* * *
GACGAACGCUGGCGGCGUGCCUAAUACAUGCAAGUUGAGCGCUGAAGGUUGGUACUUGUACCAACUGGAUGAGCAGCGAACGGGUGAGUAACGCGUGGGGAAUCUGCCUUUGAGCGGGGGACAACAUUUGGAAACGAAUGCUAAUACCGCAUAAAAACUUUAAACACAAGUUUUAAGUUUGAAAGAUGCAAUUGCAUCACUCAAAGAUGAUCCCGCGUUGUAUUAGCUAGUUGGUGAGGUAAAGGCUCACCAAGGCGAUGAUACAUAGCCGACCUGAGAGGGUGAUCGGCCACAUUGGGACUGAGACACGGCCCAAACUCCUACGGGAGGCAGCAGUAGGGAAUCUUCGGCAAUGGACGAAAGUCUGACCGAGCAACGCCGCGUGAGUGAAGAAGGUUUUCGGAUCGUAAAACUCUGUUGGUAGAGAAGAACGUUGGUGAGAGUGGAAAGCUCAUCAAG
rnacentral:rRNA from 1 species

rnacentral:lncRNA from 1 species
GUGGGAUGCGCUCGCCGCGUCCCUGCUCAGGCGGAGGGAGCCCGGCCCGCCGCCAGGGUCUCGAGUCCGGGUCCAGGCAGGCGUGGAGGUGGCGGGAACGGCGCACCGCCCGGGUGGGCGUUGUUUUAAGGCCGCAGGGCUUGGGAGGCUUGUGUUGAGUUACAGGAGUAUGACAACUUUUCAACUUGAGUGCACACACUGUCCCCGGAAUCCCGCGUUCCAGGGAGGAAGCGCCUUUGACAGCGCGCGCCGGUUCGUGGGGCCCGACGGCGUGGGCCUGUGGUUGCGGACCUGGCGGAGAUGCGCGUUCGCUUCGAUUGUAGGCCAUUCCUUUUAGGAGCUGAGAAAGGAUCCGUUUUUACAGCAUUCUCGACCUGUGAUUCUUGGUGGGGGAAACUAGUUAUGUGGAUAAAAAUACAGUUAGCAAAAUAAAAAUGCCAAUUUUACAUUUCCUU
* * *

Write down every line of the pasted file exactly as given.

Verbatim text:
GACGAACGCUGGCGGCGUGCCUAAUACAUGCAAGUUGAGCGCUGAAGGUUGGUACUUGUACCAACUGGAUGAGCAGCGAACGGGUGAGUAACGCGUGGGGAAUCUGCCUUUGAGCGGGGGACAACAUUUGGAAACGAAUGCUAAUACCGCAUAAAAACUUUAAACACAAGUUUUAAGUUUGAAAGAUGCAAUUGCAUCACUCAAAGAUGAUCCCGCGUUGUAUUAGCUAGUUGGUGAGGUAAAGGCUCACCAAGGCGAUGAUACAUAGCCGACCUGAGAGGGUGAUCGGCCACAUUGGGACUGAGACACGGCCCAAACUCCUACGGGAGGCAGCAGUAGGGAAUCUUCGGCAAUGGACGAAAGUCUGACCGAGCAACGCCGCGUGAGUGAAGAAGGUUUUCGGAUCGUAAAACUCUGUUGGUAGAGAAGAACGUUGGUGAGAGUGGAAAGCUCAUCAAG
rnacentral:rRNA from 1 species

rnacentral:lncRNA from 1 species
GUGGGAUGCGCUCGCCGCGUCCCUGCUCAGGCGGAGGGAGCCCGGCCCGCCGCCAGGGUCUCGAGUCCGGGUCCAGGCAGGCGUGGAGGUGGCGGGAACGGCGCACCGCCCGGGUGGGCGUUGUUUUAAGGCCGCAGGGCUUGGGAGGCUUGUGUUGAGUUACAGGAGUAUGACAACUUUUCAACUUGAGUGCACACACUGUCCCCGGAAUCCCGCGUUCCAGGGAGGAAGCGCCUUUGACAGCGCGCGCCGGUUCGUGGGGCCCGACGGCGUGGGCCUGUGGUUGCGGACCUGGCGGAGAUGCGCGUUCGCUUCGAUUGUAGGCCAUUCCUUUUAGGAGCUGAGAAAGGAUCCGUUUUUACAGCAUUCUCGACCUGUGAUUCUUGGUGGGGGAAACUAGUUAUGUGGAUAAAAAUACAGUUAGCAAAAUAAAAAUGCCAAUUUUACAUUUCCUU